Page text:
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Adapting to Fitness and Change, one Online Class at a Time

3 min read

Since the global spread of COVID-19, many things have changed in our world in a short amount of time. Many industries have been forced to grapple with state-mandated closures, uncertainty about the future and have had to quickly adapt and creatively address customer needs and fears. In the fitness industry, many facilities have had to close and many instructors and trainers are out of a job. Taking their services onto social media platforms has been the only means by which instructors and trainers can stay connected to their students and remain financially viable in a declining economy. Teaching and learning virtually had been uncomfortable if not a foreign concept to many people, but since COVID-19, many have gotten comfortable with this style of learning and teaching and have now embraced it. 

If you have been hesitating to try online fitness training due to fear of trying something new, feeling that you simply aren’t tech-savvy enough, or perhaps you don’t think it can have the same impact on your health and fitness as an in-person class would, there are some serious advantages of training online that may make you reconsider. 

[Read Related: 4 Effective Ways to Tackle Burnout Through Recovery and Prevention]

1) Your mind is just as important as your body.

The pandemic has further heightened many people’s struggle with anxiety, depression and uncertainty about the future. Though these can be very normal responses to stressful situations, it’s hard to know what to do to keep motivation elevated or even existent! Having to manage not only yours but also the emotions and reactions of loved ones, without as many outlets for self-care is no easy task. With tension building up in our bodies and stress in our minds, it’s necessary to move your body to dissipate these feelings and tensions (Shivakumar, 2013).

2) Isolation is, well, isolating… Fitness can help you stay connected.

Working out is also a smart way to stay connected to other people; studies show that working out in a group setting is therapeutic to many and supportive in times of stress (ScienceDaily, 2017).  This sense of being part of a group can be easily delivered online with video technology – your instructor can still offer suggestions on technique and form and provide you with inspiration to move! Here are some positive responses from students to their online instructors and trainers:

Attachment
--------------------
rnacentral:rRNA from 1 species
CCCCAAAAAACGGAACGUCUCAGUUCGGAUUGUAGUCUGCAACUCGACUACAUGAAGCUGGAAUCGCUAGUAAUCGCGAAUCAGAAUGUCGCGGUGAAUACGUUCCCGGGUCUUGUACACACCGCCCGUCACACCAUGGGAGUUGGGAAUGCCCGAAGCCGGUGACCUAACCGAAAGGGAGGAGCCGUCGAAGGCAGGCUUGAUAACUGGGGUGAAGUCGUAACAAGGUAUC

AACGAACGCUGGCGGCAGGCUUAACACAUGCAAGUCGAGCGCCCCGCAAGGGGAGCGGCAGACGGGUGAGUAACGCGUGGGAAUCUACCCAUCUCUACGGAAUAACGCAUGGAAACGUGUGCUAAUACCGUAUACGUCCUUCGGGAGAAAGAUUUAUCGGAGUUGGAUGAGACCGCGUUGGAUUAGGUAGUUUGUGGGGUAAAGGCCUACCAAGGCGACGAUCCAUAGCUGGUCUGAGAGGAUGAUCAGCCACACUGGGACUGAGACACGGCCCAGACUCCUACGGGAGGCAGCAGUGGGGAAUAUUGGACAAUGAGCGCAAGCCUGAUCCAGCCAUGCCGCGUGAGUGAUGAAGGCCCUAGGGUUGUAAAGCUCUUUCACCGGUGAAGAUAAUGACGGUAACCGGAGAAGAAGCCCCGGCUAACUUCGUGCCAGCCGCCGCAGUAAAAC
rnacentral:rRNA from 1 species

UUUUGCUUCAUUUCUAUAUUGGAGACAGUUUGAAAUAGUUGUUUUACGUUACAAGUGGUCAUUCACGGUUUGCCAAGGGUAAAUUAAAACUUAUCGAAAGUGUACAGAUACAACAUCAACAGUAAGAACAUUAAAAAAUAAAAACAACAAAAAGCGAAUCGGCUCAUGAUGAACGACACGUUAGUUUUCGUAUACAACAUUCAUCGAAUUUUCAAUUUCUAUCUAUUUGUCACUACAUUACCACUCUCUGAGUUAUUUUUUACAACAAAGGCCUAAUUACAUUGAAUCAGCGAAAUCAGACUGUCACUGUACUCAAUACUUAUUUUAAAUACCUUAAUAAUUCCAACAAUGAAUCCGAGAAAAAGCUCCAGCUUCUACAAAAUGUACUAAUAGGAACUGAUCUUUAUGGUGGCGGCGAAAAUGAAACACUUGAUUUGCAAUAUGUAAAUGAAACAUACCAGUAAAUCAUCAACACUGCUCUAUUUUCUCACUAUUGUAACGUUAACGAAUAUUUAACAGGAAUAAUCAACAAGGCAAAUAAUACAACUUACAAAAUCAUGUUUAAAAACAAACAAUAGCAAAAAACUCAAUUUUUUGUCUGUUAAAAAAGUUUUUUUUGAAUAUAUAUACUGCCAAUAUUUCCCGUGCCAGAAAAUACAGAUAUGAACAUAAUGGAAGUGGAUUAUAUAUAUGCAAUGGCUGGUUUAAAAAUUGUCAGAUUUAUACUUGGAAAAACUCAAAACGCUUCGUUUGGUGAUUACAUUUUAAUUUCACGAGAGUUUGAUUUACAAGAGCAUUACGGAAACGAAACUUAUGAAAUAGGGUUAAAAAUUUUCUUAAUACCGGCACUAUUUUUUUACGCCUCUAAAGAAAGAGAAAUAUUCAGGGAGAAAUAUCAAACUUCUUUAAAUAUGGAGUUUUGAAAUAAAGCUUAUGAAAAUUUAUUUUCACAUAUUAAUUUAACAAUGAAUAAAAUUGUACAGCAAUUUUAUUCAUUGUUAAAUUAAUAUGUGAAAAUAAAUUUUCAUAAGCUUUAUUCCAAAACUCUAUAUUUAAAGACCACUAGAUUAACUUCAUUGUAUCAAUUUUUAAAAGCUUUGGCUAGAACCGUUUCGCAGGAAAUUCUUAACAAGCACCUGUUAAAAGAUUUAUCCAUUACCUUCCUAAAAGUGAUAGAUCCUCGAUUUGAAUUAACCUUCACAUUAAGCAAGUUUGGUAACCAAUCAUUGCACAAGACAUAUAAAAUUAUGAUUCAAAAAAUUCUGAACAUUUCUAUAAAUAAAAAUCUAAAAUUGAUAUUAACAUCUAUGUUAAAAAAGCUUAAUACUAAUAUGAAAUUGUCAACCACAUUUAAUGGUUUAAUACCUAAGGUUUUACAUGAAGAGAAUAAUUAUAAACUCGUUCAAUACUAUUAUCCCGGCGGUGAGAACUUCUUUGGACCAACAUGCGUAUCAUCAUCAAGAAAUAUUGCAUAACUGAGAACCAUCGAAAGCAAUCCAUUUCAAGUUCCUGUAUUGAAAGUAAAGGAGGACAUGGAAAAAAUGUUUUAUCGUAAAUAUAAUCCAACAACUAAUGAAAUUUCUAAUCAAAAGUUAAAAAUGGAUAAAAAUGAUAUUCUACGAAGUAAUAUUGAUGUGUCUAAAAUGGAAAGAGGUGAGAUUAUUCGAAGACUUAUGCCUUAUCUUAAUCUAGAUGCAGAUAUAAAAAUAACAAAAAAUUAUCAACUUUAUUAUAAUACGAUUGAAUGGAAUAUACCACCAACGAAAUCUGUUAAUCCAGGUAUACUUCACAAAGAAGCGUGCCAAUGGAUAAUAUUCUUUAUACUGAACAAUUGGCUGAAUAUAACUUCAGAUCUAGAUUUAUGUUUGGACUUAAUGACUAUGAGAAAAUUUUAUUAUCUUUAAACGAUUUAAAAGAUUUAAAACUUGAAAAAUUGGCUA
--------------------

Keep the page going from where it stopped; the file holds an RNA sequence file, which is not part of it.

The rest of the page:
“Thank you for keeping us uplifted and fit during this time.” – Grace

“So happy I was finally able to join your class! It’s such a fun and happy thing to be doing in this weird time.” – Annie

“Thank you for continuing to give us an outlet through dance, and for giving us a little consistency in all of our uprooted weekly routines.” – Lisa

[Read Related: 4 Concepts to Help you Adjust to Your new Normal During COVID-19]

3) Keeping up your fitness routine (or starting one!) can help you feel ‘normal.’

We’re no strangers to how lockdown has been a stressor to everyone. With children out of school, people out of work or working from home, trips being canceled and many social activities and functions screeching to a halt, there has been little to look forward to and that makes us feel normal and balanced both physically and emotionally. For those of us who are used to a healthy lifestyle that includes fitness, working out online allows us to keep doing what we enjoy and rely upon despite changes around us. When times are uncertain, it is a comfort to have an activity that provides consistency and leisure that many can look forward to.

Although there have been changes to our physical environment, the way we think about health and safety and our mental peace, going online for fitness classes has been a good way we can stay connected to each other and also keep our bodies healthy. As we all try and get back to normal work and life it is nice to know that we still have options for keeping our bodies healthy. 

Richa’s classes on Zoom are at the following times every week:

  • Monday, 6:30 to 7:15 p.m. PST
  • Friday, 3:00 to 3:50 p.m., PST
  • Saturday, 10:00 to 10:45 a.m., PST

 

Sources

  • Anderson, E., & Shivakumar G. (2013). Effects of Exercises and Physical Activity on Anxiety.
    Front Psychiatry, 4: 27. doi: 10.3389/fpsyt.2013.00027
  • Group exercise improves quality of life, reduces stress far more than individual work outs. (2017, October 30).
    Retrieved from http://www.sciencedaily.com/releases/2017/10/171030092917.htm

The opinions expressed by the writer of this piece, and those providing comments thereon (collectively, the “Writers”), are theirs alone and do not necessarily reflect the opinions of Brown Girl Magazine, Inc., or any of its employees, directors, officers, affiliates, or assigns (collectively, “BGM”). BGM is not responsible for the accuracy of any of the information supplied by the Writers. It is not the intention of Brown Girl Magazine to malign any religion, ethnic group, club, organization, company, or individual. If you have a complaint about this content, please email us at [email protected]. This post is subject to our Terms of Use and Privacy Policy. If you’d like to submit a guest post, please follow the guidelines we’ve set forth here.

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